16. 16.
    Law M, Yang S, Babb JS, Knopp EA, Golfinos JG, Zagzag D, Johnson G (2004) Comparison of cerebral blood volume and vascular permeability from dynamic susceptibility contrast-enhanced perfusion MR imaging with glioma grade. AJNR Am J Neuroradiol 25:746–755PubMedGoogle Scholar
  17. 17.
    Price SJ, Jena R, Burnet NG, Carpenter TA, Pickard JD, Gillard JH (2007) Predicting patterns of glioma recurrence using diffusion tensor imaging. Eur Radiol 17:1675–1684.  https://doi.org/10.1007/s00330-006-0561-2 CrossRefPubMedGoogle Scholar
  18. 18.
    Price SJ, Jena R, Burnet NG, Hutchinson PJ, Dean AF, Pena A, Pickard JD, Carpenter TA, Gillard JH (2006) Improved delineation of glioma margins and regions of infiltration with the use of diffusion tensor imaging: an image-guided biopsy study. AJNR Am J Neuroradiol 27:1969–1974PubMedGoogle Scholar
  19. 19.
    Provenzale JM, McGraw P, Mhatre P, Guo AC, Delong D (2004) Peritumoral brain regions in gliomas and meningiomas: investigation with isotropic diffusion-weighted MR imaging and diffusion-tensor MR imaging. Radiology 232:451–460.  https://doi.org/10.1148/radiol.2322030959 CrossRefPubMedGoogle Scholar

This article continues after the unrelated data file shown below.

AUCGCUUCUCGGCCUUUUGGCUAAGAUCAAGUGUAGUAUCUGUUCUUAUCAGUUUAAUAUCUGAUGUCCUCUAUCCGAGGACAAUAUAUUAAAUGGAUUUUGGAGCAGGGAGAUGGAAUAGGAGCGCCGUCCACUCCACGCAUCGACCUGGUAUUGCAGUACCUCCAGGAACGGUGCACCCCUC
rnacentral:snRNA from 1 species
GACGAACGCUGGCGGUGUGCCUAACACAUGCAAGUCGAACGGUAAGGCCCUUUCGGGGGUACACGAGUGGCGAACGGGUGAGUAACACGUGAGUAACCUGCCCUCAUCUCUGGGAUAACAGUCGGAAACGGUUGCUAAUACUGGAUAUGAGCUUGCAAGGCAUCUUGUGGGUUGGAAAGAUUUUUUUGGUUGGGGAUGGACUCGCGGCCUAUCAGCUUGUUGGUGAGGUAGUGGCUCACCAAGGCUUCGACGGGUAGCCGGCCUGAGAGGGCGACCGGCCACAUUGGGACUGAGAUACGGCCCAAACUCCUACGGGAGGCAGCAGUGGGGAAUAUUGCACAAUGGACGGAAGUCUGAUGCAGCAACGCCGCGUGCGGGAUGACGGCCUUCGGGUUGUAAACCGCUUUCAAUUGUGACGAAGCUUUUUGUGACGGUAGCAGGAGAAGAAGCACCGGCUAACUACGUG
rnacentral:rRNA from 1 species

20. 20.
    Wright AJ, Fellows G, Byrnes TJ, Opstad KS, McIntyre DJ, Griffiths JR, Bell BA, Clark CA, Barrick TR, Howe FA (2009) Pattern recognition of MRSI data shows regions of glioma growth that agree with DTI markers of brain tumor infiltration. Magn Reson Med 62:1646–1651.  https://doi.org/10.1002/mrm.22163 CrossRefPubMedGoogle Scholar
  21. 21.
    de Groot JF (2015) High-grade gliomas. Continuum (Minneap Minn) 21:332–344.  https://doi.org/10.1212/01.CON.0000464173.58262.d9 CrossRefGoogle Scholar
  22. 22.
    Paw I, Carpenter RC, Watabe K, Debinski W, Lo HW (2015) Mechanisms regulating glioma invasion. Cancer Lett 362:1–7.  https://doi.org/10.1016/j.canlet.2015.03.015 CrossRefPubMedPubMedCentralGoogle Scholar
  23. 23.
    Hoefnagels FW, De Witt Hamer P, Sanz-Arigita E, Idema S, Kuijer JP, Pouwels PJ, Barkhof F, Vandertop WP (2014) Differentiation of edema and glioma infiltration: proposal of a DTI-based probability map. J Neurooncol 120:187–198.  https://doi.org/10.1007/s11060-014-1544-9 CrossRefPubMedGoogle Scholar
  24. 24.
    Price SJ, Burnet NG, Donovan T, Green HA, Pena A, Antoun NM, Pickard JD, Carpenter TA, Gillard JH (2003) Diffusion tensor imaging of brain tumours at 3T: a potential tool for assessing white matter tract invasion? Clin Radiol 58:455–462CrossRefGoogle Scholar
  25. 25.